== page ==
If you wonder how will the rate of photosynthesis be affected while growing in a greenhouse, there isn’t a significant drawback. This is because gardeners can manipulate the conditions inside the greenhouse, including the limiting factors. The greenhouse will only hinder the rate of photosynthesis if you fail to check the carbon dioxide, water, and light intensity.
Photosynthesis is a vital process for plants to make their food. Failure to do so in the greenhouse will affect their productivity and health. Therefore, you must understand the limiting factors and how you can ensure the proper photosynthesis rate inside the greenhouse.
How Will The Rate Of Photosynthesis Be Affected While Growing In A Greenhouse And How To Overcome Limiting Factors
What is the rate of photosynthesis?
One can define the rate of photosynthesis as the capacity of plants to conduct this process. According to the Royal Society of Chemistry, the limiting factors will affect this rate. Keeping this information in mind, even just having one limiting factor, will cause problems in photosynthesis.
What are the limiting factors and how to overcome them in the greenhouse
The limiting factors refer to the concentration of carbon dioxide, availability of water, and light intensity. You will also read later that even the temperature is influential to the photosynthesis rate because of the enzymes in the process. Therefore, it’s worth noting that the pace will be slower if the greenhouse temperatures are also low.
Keep the following factors in mind because even if only one of them is short in the greenhouse, the effects of the other factors will be ineffective.
In the greenhouse, you want to maintain the concentration of carbon dioxide at 0.1%. Going above this percentage makes the cell pH acidic, which can be toxic, so you must avoid it. Greenhouse growers have many options to increase the carbon dioxide concentration either by using paraffin heaters for smaller greenhouses and carbon dioxide wastes for larger greenhouses.
Some growers also use fungi in bags around the greenhouse, or if you have the budget, you can use liquid carbon dioxide running on pipes. However, note that carbon dioxide supplementation is ineffective if the greenhouse temperature is high, causing a decline in photosynthesis. You might also be aware that greenhouse gas emissions raise the carbon dioxide in the atmosphere, but it’s still a limiting factor because this concentration is low for photosynthesis.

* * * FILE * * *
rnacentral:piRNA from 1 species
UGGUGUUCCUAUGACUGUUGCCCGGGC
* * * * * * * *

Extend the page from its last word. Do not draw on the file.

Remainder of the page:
We all know that water is essential for your plant’s life in general. Not providing the optimal water requirements will affect photosynthesis, and you will experience a decline in yields. However, do note how water affects humidity, which, if it gets too high, you run the risk of fungal growth.
One of the things that growers supplement in the greenhouse is the lighting system. It’s essential for the plants’ growth and productivity, primarily because of its role in photosynthesis. Sometimes, growers use paraffin lamps because it also helps produce carbon dioxide and heat alongside the illumination.
When you increase the light intensity in the greenhouse, it will also help with the growth of your plants. Supplemental lighting will also aid for photosynthesis to continue even without daylight. By choosing the proper color, you can even ensure that you’re providing the optimal wavelength for photosynthesis or lengthen the growing season.
Overall, always remember that the light intensity is directly proportional to the rate of photosynthesis.
As mentioned previously, the temperature also plays a role in the rate of photosynthesis. The greenhouse will not support the process if it doesn’t meet the optimal temperatures for the crops. This is why growers use the heating or cooling systems to adjust the internal conditions accordingly.
While carbon dioxide and water are limiting factors for the rate of photosynthesis, enzymes control the chemical reactions for the production of glucose. Therefore, if the temperature is too high or too low, the rate of photosynthesis becomes limited. Too high and the enzymes get denatured, while too little, the molecular collisions will also get small.
Is the rate of photosynthesis affected while growing in a greenhouse?
The rate of photosynthesis is not affected negatively when you grow plants in the greenhouse. Instead, one of the most useful advantages that gardeners get from using a greenhouse is that you can control and maintain the conditions indoors. Therefore, the limiting factors previously discussed will only be limited if you fail to monitor the greenhouse.
If any of these factors get insufficient, it will affect plant growth and stop photosynthesis.
When growing plants and crops, we must check the conditions they’ll need to conduct photosynthesis. This raises the question of “how will the rate of photosynthesis be affected while growing in a greenhouse?” The excellent news is the cultivation of plants indoors will not affect the rate of photosynthesis negatively.
The only catch left for you is to consistently monitor and maintain the limiting factors such as carbon dioxide, water, light, and even temperature. Remember that the light intensity is directly correlated to the rate of photosynthesis. But this doesn’t mean that you can neglect the other factors since this will negate the presence of other factors.